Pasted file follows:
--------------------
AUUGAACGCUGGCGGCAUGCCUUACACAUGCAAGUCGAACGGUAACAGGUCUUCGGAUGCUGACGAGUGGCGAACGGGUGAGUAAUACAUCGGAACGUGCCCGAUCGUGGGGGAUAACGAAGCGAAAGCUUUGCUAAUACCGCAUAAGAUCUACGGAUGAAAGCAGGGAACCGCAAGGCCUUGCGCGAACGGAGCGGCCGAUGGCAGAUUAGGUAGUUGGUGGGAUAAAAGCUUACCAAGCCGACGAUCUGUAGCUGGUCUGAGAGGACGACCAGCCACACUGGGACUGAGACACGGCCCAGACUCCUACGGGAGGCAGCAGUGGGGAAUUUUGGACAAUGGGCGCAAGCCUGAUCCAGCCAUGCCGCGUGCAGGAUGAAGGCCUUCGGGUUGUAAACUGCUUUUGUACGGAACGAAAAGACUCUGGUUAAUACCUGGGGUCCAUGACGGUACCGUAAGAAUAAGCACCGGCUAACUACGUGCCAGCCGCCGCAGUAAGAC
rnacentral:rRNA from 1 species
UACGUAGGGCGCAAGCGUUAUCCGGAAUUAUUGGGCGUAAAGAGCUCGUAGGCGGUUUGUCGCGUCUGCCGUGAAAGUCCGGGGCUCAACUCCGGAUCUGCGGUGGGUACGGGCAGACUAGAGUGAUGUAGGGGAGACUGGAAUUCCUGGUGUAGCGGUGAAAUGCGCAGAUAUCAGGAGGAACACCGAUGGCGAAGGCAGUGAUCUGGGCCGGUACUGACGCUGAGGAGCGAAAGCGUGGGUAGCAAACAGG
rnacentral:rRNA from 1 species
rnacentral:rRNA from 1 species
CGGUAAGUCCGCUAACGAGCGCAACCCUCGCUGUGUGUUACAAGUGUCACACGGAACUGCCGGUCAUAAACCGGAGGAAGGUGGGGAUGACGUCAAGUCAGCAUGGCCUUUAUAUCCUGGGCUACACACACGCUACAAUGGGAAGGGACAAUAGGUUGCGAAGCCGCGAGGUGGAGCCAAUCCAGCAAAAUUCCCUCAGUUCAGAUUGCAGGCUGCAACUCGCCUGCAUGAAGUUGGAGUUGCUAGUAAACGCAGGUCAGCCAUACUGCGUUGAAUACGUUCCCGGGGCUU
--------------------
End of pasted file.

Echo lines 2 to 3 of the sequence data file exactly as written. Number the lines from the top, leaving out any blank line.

rnacentral:rRNA from 1 species
UACGUAGGGCGCAAGCGUUAUCCGGAAUUAUUGGGCGUAAAGAGCUCGUAGGCGGUUUGUCGCGUCUGCCGUGAAAGUCCGGGGCUCAACUCCGGAUCUGCGGUGGGUACGGGCAGACUAGAGUGAUGUAGGGGAGACUGGAAUUCCUGGUGUAGCGGUGAAAUGCGCAGAUAUCAGGAGGAACACCGAUGGCGAAGGCAGUGAUCUGGGCCGGUACUGACGCUGAGGAGCGAAAGCGUGGGUAGCAAACAGG